The FDA is expected later this year to approve the use of a drug called Zeuterin that provides a nonsurgical alternative to neutering male dogs. It is hoped that the less invasive method will help curb pet overpopulation.
How it Works
Zeuterin™ is administered via injection directly into each testicle, without the need for anesthesia (mild sedation is frequently used). Now, before you cross your legs and mutter, “Yowza!” the manufacturer reports that 97.5% of dogs studied showed no outward evidence of pain during the procedure. Apparently, the combination of using a very small needle and slow injection of the product avoids triggering any sensation of discomfort. Post-procedure complications such as pain and injection site reactions occurred in only 1.1% of treated dogs.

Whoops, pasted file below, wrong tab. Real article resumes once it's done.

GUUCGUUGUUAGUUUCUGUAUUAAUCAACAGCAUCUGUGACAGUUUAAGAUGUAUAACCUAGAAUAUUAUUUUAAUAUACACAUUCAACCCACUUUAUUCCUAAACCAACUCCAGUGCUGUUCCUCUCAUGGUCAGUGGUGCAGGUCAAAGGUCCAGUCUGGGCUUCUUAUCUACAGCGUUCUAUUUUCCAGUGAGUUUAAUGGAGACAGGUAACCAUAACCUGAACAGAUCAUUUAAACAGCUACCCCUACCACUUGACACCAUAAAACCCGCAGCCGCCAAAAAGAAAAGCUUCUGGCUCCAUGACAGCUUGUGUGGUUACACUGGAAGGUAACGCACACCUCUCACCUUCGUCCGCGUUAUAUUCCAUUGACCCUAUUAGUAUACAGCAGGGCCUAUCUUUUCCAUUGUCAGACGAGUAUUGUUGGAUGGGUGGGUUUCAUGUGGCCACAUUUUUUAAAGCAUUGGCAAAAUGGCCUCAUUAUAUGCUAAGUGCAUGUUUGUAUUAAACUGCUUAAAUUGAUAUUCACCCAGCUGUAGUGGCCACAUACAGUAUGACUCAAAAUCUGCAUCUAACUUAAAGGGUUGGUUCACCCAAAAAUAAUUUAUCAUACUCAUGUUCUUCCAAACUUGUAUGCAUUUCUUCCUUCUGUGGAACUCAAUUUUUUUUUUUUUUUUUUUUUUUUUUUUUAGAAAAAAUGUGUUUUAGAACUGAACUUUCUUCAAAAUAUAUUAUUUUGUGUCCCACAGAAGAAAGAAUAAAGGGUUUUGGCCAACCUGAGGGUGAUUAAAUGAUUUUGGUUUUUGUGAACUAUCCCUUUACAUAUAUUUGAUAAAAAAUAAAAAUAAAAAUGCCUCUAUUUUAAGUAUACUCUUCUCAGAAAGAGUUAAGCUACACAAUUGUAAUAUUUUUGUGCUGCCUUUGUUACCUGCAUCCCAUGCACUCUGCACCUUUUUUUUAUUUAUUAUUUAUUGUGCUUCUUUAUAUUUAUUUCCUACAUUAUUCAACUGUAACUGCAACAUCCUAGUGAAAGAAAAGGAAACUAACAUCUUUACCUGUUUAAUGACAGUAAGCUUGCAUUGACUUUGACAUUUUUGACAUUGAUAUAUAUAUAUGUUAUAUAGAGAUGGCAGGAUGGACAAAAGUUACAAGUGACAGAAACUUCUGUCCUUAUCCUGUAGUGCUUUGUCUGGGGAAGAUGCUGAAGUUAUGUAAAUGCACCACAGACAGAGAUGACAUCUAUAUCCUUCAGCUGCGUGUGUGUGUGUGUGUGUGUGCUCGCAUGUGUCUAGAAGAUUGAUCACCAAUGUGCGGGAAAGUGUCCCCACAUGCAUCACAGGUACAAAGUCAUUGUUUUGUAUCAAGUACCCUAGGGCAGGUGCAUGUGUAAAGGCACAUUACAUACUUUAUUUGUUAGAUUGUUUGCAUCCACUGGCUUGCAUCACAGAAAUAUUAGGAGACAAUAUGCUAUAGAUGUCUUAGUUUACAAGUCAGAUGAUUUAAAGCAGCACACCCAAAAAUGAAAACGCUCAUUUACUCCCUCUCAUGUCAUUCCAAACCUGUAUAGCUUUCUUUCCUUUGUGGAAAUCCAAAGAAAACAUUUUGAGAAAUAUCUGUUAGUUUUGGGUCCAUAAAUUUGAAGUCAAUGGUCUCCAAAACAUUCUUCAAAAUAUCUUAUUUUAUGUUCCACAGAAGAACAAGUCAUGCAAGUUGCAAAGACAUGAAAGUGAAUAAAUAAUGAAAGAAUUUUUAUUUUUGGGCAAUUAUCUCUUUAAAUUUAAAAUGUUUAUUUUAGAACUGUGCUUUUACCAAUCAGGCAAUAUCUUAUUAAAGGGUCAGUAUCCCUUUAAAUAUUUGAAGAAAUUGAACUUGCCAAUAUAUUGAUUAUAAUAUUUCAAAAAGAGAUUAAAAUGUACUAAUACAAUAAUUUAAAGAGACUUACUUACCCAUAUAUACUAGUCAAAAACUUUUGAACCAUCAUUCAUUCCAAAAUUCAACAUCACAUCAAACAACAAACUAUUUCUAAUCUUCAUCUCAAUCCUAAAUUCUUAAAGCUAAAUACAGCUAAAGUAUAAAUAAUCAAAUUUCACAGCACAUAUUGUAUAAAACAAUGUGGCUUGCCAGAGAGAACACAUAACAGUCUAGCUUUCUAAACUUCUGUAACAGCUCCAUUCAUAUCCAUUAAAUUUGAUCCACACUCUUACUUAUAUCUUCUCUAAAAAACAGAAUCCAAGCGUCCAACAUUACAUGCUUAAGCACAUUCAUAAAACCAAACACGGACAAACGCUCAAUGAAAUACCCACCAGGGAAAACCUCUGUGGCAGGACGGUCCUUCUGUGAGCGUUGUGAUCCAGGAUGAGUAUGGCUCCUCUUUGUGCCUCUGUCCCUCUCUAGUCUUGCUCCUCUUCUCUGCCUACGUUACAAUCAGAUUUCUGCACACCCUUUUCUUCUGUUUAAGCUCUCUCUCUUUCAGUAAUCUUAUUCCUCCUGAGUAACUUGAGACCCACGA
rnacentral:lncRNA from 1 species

Within 30 days of administration, Zeuterin™ induces sterility by causing permanent, irreversible scarring of the dog’s testicles. While the testicles eventually diminish in size, they do remain visible. Because of this, dogs neutered with Zeuterin™ are marked with a small tattoo in the groin area so that they can readily be identified as having been sterilized.
The Pros and Cons
For people who are in favor of sterilization, but cannot fathom the thought of their dog living without testicles, Zeuterin™ may be just the solution. On the other hand, if the primary goal of neutering is elimination of negative male behaviors such as roaming and aggression, surgery may still be the procedure of choice. Zeuterin™ does not completely eliminate testosterone production within the testicles. (Testosterone is a major driving force of negative male behaviors in some dogs.)
Zeuterin™ may be a real boon for animal shelters and spay/neuter clinics in the fight against pet overpopulation. Proponents believe chemical neutering is safer, simpler, less time consuming, and less expensive than traditional surgery. This means that more dogs can be neutered with available resources.